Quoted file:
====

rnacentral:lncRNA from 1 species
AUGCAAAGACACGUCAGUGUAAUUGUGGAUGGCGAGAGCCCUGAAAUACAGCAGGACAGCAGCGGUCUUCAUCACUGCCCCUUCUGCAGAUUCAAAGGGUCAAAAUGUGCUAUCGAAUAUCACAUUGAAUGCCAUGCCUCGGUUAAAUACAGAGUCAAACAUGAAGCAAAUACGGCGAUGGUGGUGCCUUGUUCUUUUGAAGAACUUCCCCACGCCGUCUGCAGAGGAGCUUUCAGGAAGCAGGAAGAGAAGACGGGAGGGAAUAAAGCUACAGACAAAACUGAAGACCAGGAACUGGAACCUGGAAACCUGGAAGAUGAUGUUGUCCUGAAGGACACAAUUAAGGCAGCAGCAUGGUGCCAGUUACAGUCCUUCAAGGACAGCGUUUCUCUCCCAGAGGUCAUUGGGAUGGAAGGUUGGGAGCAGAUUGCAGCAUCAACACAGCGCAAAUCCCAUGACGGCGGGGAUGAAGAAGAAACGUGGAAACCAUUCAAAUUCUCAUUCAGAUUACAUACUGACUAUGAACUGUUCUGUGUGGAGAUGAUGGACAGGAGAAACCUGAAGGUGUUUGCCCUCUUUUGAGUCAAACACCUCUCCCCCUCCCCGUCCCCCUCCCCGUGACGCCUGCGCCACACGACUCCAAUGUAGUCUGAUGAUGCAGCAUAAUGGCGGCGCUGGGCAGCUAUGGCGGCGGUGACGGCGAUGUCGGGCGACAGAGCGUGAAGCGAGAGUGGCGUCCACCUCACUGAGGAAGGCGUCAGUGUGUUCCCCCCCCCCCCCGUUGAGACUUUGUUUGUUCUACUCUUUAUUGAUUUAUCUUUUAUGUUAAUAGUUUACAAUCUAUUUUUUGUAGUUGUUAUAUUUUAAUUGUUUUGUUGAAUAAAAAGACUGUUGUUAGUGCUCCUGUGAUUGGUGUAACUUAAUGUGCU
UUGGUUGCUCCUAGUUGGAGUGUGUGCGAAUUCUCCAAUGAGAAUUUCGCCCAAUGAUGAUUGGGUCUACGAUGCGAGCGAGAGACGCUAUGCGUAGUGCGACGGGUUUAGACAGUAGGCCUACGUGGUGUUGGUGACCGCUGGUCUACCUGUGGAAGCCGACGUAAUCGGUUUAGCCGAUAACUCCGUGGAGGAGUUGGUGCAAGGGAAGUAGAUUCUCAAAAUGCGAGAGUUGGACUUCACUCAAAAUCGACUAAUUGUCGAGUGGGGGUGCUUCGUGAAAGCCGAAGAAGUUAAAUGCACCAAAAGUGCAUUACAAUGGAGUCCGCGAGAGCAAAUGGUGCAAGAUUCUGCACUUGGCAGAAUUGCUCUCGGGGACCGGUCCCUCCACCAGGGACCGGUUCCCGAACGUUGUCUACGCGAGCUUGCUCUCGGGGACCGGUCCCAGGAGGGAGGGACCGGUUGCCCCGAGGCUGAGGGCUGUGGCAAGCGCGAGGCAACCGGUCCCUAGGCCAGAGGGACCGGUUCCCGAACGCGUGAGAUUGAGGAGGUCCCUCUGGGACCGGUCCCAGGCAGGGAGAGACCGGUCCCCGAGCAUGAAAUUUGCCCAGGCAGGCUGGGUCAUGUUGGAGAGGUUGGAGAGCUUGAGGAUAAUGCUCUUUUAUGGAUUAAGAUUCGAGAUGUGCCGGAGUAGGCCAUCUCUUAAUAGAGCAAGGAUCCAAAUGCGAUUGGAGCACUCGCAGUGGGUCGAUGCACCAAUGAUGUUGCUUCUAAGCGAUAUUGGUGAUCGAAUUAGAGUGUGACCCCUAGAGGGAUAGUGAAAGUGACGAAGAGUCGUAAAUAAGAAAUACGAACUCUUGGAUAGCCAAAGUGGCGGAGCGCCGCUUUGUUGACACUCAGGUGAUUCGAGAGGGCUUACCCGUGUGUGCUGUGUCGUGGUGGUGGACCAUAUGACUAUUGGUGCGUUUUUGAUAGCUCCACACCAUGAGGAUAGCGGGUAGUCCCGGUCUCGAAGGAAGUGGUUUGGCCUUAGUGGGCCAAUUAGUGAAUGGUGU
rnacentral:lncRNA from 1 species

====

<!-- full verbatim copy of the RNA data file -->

rnacentral:lncRNA from 1 species
AUGCAAAGACACGUCAGUGUAAUUGUGGAUGGCGAGAGCCCUGAAAUACAGCAGGACAGCAGCGGUCUUCAUCACUGCCCCUUCUGCAGAUUCAAAGGGUCAAAAUGUGCUAUCGAAUAUCACAUUGAAUGCCAUGCCUCGGUUAAAUACAGAGUCAAACAUGAAGCAAAUACGGCGAUGGUGGUGCCUUGUUCUUUUGAAGAACUUCCCCACGCCGUCUGCAGAGGAGCUUUCAGGAAGCAGGAAGAGAAGACGGGAGGGAAUAAAGCUACAGACAAAACUGAAGACCAGGAACUGGAACCUGGAAACCUGGAAGAUGAUGUUGUCCUGAAGGACACAAUUAAGGCAGCAGCAUGGUGCCAGUUACAGUCCUUCAAGGACAGCGUUUCUCUCCCAGAGGUCAUUGGGAUGGAAGGUUGGGAGCAGAUUGCAGCAUCAACACAGCGCAAAUCCCAUGACGGCGGGGAUGAAGAAGAAACGUGGAAACCAUUCAAAUUCUCAUUCAGAUUACAUACUGACUAUGAACUGUUCUGUGUGGAGAUGAUGGACAGGAGAAACCUGAAGGUGUUUGCCCUCUUUUGAGUCAAACACCUCUCCCCCUCCCCGUCCCCCUCCCCGUGACGCCUGCGCCACACGACUCCAAUGUAGUCUGAUGAUGCAGCAUAAUGGCGGCGCUGGGCAGCUAUGGCGGCGGUGACGGCGAUGUCGGGCGACAGAGCGUGAAGCGAGAGUGGCGUCCACCUCACUGAGGAAGGCGUCAGUGUGUUCCCCCCCCCCCCCGUUGAGACUUUGUUUGUUCUACUCUUUAUUGAUUUAUCUUUUAUGUUAAUAGUUUACAAUCUAUUUUUUGUAGUUGUUAUAUUUUAAUUGUUUUGUUGAAUAAAAAGACUGUUGUUAGUGCUCCUGUGAUUGGUGUAACUUAAUGUGCU
UUGGUUGCUCCUAGUUGGAGUGUGUGCGAAUUCUCCAAUGAGAAUUUCGCCCAAUGAUGAUUGGGUCUACGAUGCGAGCGAGAGACGCUAUGCGUAGUGCGACGGGUUUAGACAGUAGGCCUACGUGGUGUUGGUGACCGCUGGUCUACCUGUGGAAGCCGACGUAAUCGGUUUAGCCGAUAACUCCGUGGAGGAGUUGGUGCAAGGGAAGUAGAUUCUCAAAAUGCGAGAGUUGGACUUCACUCAAAAUCGACUAAUUGUCGAGUGGGGGUGCUUCGUGAAAGCCGAAGAAGUUAAAUGCACCAAAAGUGCAUUACAAUGGAGUCCGCGAGAGCAAAUGGUGCAAGAUUCUGCACUUGGCAGAAUUGCUCUCGGGGACCGGUCCCUCCACCAGGGACCGGUUCCCGAACGUUGUCUACGCGAGCUUGCUCUCGGGGACCGGUCCCAGGAGGGAGGGACCGGUUGCCCCGAGGCUGAGGGCUGUGGCAAGCGCGAGGCAACCGGUCCCUAGGCCAGAGGGACCGGUUCCCGAACGCGUGAGAUUGAGGAGGUCCCUCUGGGACCGGUCCCAGGCAGGGAGAGACCGGUCCCCGAGCAUGAAAUUUGCCCAGGCAGGCUGGGUCAUGUUGGAGAGGUUGGAGAGCUUGAGGAUAAUGCUCUUUUAUGGAUUAAGAUUCGAGAUGUGCCGGAGUAGGCCAUCUCUUAAUAGAGCAAGGAUCCAAAUGCGAUUGGAGCACUCGCAGUGGGUCGAUGCACCAAUGAUGUUGCUUCUAAGCGAUAUUGGUGAUCGAAUUAGAGUGUGACCCCUAGAGGGAUAGUGAAAGUGACGAAGAGUCGUAAAUAAGAAAUACGAACUCUUGGAUAGCCAAAGUGGCGGAGCGCCGCUUUGUUGACACUCAGGUGAUUCGAGAGGGCUUACCCGUGUGUGCUGUGUCGUGGUGGUGGACCAUAUGACUAUUGGUGCGUUUUUGAUAGCUCCACACCAUGAGGAUAGCGGGUAGUCCCGGUCUCGAAGGAAGUGGUUUGGCCUUAGUGGGCCAAUUAGUGAAUGGUGU
rnacentral:lncRNA from 1 species